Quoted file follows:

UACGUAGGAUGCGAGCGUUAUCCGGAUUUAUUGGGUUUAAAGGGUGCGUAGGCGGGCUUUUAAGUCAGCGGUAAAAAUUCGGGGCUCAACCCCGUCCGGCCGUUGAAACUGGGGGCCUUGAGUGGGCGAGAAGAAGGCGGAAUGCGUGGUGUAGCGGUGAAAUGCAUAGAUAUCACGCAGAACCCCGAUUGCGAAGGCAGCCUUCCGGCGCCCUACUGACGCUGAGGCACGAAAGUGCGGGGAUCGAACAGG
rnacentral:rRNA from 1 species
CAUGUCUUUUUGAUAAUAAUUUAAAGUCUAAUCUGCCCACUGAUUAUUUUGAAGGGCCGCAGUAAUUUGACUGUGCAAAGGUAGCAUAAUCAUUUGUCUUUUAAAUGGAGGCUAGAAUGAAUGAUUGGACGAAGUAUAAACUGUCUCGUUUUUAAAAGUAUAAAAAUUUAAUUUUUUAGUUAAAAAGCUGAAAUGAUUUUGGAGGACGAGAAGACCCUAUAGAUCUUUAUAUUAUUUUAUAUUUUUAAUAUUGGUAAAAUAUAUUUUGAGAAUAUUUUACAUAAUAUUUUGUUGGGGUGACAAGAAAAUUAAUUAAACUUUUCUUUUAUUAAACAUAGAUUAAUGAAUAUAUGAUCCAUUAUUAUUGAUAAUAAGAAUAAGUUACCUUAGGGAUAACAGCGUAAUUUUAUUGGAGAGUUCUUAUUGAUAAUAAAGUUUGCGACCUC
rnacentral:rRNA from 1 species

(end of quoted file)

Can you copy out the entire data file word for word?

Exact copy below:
UACGUAGGAUGCGAGCGUUAUCCGGAUUUAUUGGGUUUAAAGGGUGCGUAGGCGGGCUUUUAAGUCAGCGGUAAAAAUUCGGGGCUCAACCCCGUCCGGCCGUUGAAACUGGGGGCCUUGAGUGGGCGAGAAGAAGGCGGAAUGCGUGGUGUAGCGGUGAAAUGCAUAGAUAUCACGCAGAACCCCGAUUGCGAAGGCAGCCUUCCGGCGCCCUACUGACGCUGAGGCACGAAAGUGCGGGGAUCGAACAGG
rnacentral:rRNA from 1 species
CAUGUCUUUUUGAUAAUAAUUUAAAGUCUAAUCUGCCCACUGAUUAUUUUGAAGGGCCGCAGUAAUUUGACUGUGCAAAGGUAGCAUAAUCAUUUGUCUUUUAAAUGGAGGCUAGAAUGAAUGAUUGGACGAAGUAUAAACUGUCUCGUUUUUAAAAGUAUAAAAAUUUAAUUUUUUAGUUAAAAAGCUGAAAUGAUUUUGGAGGACGAGAAGACCCUAUAGAUCUUUAUAUUAUUUUAUAUUUUUAAUAUUGGUAAAAUAUAUUUUGAGAAUAUUUUACAUAAUAUUUUGUUGGGGUGACAAGAAAAUUAAUUAAACUUUUCUUUUAUUAAACAUAGAUUAAUGAAUAUAUGAUCCAUUAUUAUUGAUAAUAAGAAUAAGUUACCUUAGGGAUAACAGCGUAAUUUUAUUGGAGAGUUCUUAUUGAUAAUAAAGUUUGCGACCUC
rnacentral:rRNA from 1 species